Dayton Children’s Hospital, a 155-bed multi-specialty pediatric hospital has deployed Vocera’s hands-free communication badges and a secure texting app throughout its new 260,000-square-foot patient tower. During the move to the new facility, care team members used Vocera technology to stay connected and easily communicate, ensuring a safe and smooth transition of more than 40 children from four units.
The hospital, which has more than 300,000 patient visits a year, has integrated the Vocera hands-free technology with the Hill-Rom® NaviCare® Nurse Call system. Pillow speakers connect patients directly to their nurse via the Vocera badge they are wearing. The child can simply push a button for “pain” or “potty,” and the nurse is alerted with context, enabling the caregiver to respond verbally, immediately and appropriately. Helping care teams improve patient safety, Vocera technology directly integrates with the Hill-Rom NaviCare® Nurse Call system to receive bed exit and chair exit alerts as well as code-blue alarms, ventilators alerts, and a variety of patient calls and requests.
“The children love the Vocera badges. They call them our Star Trek buttons! And our nurses love them, too, because they allow instant communication to the rest of the staff, which is incredibly important in a fast-paced mobile environment.” said Jayne Gmeiner, chief nursing officer at Dayton Children’s Hospital in a statement. “We selected Vocera knowing that the company was aligned with our mission and that its solutions would simplify patient and care team communication. We also knew Vocera could meet our growing and evolving workflow needs now and in the future.”
The Vocera solution also directly integrates with GetWellNetwork, Inc., the leader in Interactive Patient Care (IPC) solutions. When a patient or family member provides a comment or request through GetWellNetwork’s bedside solution, an alert is sent to the child’s nurse. The system can also alert partners in care, including dietary, child life specialists and environmental services, if an issue requires immediate attention.
An integration with Vocera and the hospital’s telephone system also makes it easier and faster for patients or families to connect with a specific caregiver. Using the landline phone in the hospital room, a patient or loved one can simply dial 111 to reach the assigned nurse via their wearable badge, 222 for the certified nursing assistant, or 333 for respiratory therapy.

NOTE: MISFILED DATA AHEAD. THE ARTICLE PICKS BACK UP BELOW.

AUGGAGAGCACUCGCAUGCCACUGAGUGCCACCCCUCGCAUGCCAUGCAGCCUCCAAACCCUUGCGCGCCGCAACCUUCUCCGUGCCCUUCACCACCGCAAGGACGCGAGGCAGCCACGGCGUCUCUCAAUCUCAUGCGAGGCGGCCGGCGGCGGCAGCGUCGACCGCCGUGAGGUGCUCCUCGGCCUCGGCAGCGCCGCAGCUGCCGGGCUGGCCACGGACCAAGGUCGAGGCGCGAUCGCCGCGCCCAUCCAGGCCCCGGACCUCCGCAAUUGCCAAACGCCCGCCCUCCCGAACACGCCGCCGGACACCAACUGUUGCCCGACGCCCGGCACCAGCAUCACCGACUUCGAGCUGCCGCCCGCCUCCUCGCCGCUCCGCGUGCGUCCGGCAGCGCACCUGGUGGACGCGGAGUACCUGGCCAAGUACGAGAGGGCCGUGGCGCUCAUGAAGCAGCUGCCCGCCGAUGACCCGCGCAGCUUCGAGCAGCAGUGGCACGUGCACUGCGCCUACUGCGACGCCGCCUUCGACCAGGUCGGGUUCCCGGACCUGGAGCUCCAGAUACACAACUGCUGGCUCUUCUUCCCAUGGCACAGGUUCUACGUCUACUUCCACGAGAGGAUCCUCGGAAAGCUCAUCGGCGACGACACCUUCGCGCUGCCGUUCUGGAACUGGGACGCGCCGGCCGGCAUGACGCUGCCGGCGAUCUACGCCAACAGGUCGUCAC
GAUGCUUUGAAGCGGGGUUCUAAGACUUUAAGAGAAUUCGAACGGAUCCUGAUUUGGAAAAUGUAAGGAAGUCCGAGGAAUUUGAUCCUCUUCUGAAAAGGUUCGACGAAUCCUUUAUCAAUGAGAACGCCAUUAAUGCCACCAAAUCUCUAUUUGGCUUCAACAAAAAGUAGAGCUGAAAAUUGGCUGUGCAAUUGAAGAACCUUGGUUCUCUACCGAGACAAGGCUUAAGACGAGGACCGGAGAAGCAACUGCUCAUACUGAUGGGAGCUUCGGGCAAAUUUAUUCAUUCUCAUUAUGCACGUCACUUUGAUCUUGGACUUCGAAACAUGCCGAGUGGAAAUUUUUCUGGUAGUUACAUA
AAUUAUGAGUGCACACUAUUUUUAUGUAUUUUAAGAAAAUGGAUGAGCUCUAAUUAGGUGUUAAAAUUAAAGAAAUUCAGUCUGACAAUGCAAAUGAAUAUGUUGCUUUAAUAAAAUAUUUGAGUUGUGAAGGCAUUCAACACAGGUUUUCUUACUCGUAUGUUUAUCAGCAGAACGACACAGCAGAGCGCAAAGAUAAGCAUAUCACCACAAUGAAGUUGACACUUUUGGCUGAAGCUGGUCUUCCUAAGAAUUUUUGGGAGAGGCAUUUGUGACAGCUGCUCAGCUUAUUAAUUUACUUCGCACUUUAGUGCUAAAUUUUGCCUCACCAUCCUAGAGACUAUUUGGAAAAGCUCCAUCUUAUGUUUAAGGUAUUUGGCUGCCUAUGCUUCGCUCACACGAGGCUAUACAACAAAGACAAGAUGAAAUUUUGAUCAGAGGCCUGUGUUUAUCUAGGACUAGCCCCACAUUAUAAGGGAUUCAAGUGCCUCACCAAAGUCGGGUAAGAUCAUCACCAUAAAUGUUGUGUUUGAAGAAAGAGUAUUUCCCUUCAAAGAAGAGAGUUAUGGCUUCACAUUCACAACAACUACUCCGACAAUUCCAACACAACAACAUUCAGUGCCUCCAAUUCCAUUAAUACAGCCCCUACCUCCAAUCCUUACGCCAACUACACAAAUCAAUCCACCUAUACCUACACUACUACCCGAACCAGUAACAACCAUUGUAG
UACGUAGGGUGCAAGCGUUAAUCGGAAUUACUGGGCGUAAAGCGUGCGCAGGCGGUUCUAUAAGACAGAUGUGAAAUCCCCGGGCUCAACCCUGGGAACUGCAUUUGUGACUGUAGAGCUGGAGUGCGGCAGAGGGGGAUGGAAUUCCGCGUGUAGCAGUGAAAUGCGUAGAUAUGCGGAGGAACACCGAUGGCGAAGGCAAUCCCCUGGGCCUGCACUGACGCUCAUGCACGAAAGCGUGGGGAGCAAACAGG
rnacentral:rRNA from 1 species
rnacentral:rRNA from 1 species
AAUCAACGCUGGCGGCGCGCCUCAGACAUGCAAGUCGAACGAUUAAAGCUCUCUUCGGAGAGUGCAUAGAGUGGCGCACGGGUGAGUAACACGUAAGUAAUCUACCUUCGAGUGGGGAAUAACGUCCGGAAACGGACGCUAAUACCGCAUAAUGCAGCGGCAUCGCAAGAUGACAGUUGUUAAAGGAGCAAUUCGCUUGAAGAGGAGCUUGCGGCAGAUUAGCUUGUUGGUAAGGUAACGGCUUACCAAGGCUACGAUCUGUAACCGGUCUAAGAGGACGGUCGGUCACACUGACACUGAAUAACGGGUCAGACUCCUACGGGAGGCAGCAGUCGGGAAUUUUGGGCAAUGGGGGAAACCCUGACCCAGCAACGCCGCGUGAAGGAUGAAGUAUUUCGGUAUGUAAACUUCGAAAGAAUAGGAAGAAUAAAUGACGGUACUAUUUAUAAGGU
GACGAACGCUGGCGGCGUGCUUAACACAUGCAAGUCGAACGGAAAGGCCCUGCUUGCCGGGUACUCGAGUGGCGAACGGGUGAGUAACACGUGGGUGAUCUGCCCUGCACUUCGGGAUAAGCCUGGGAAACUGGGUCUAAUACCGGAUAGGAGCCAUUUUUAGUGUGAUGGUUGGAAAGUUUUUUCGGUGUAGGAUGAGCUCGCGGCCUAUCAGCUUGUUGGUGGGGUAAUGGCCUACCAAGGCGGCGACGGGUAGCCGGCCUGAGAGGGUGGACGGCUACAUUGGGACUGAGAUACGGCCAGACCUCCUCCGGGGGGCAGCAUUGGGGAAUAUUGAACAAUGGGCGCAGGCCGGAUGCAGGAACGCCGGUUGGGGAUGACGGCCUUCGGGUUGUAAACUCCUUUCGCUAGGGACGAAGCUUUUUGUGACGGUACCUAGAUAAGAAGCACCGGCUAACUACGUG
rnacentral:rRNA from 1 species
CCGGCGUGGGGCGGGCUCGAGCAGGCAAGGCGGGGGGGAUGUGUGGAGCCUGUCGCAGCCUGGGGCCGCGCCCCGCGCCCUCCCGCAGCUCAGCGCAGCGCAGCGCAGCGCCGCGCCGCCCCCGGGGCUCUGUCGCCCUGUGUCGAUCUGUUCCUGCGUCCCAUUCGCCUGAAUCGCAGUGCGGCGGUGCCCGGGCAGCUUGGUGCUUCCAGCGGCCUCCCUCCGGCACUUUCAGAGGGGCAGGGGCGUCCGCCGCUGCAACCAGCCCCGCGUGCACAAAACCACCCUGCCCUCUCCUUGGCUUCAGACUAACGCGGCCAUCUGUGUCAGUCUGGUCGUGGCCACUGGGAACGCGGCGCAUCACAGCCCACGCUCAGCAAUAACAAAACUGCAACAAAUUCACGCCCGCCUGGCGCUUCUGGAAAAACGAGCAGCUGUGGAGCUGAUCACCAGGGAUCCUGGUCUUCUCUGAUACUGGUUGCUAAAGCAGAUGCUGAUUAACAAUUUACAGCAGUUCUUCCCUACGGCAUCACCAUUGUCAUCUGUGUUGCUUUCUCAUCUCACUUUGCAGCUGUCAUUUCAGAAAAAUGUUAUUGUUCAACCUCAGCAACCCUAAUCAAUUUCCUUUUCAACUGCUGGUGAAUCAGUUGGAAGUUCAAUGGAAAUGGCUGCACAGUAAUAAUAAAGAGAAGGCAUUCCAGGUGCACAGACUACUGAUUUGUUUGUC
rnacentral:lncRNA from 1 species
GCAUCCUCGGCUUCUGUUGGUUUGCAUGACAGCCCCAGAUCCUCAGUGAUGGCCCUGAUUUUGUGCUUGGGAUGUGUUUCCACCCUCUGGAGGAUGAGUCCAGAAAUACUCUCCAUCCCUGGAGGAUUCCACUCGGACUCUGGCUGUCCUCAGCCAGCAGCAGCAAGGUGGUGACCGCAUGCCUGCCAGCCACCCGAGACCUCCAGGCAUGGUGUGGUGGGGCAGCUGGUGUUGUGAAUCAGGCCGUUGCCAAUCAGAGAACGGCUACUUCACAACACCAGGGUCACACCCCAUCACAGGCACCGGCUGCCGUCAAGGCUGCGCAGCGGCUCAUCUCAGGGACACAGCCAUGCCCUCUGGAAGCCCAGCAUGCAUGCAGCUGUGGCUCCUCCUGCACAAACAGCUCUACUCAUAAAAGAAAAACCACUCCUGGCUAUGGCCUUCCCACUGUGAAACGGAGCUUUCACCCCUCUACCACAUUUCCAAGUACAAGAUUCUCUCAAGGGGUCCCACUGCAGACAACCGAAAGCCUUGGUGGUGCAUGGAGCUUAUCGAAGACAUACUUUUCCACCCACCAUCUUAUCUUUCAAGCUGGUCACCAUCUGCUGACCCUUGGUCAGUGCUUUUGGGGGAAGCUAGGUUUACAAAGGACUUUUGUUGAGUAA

The hospital has plans for additional integrations between its clinical and communication systems, including interfaces between Vocera technology and the hospital’s EHR and physiologic monitoring systems. With more than 2,400 employees and more than 400 physicians, the hospital also expects to standardize communication across all care teams using the Vocera communication platform to unify disparate people, processes and solutions.
Secure texting using the Vocera smartphone app is also underway among hospital medicine physicians, which is expected to improve communication and collaboration. In addition to allowing users to call or text by name or role, the Vocera smartphone app enables group messages for regulatory walk-through, admissions and consults, using pre-defined messaging templates that promote standards and predictable outcomes. Vocera smartphone app users can easily add others to messaging conversations, and messages can be securely forwarded to other users. The app also enables content management via a Wi-Fi or cellular connection. Additionally, the on-call schedule within the intelligent rules engine ensures proper staffing and communication distribution.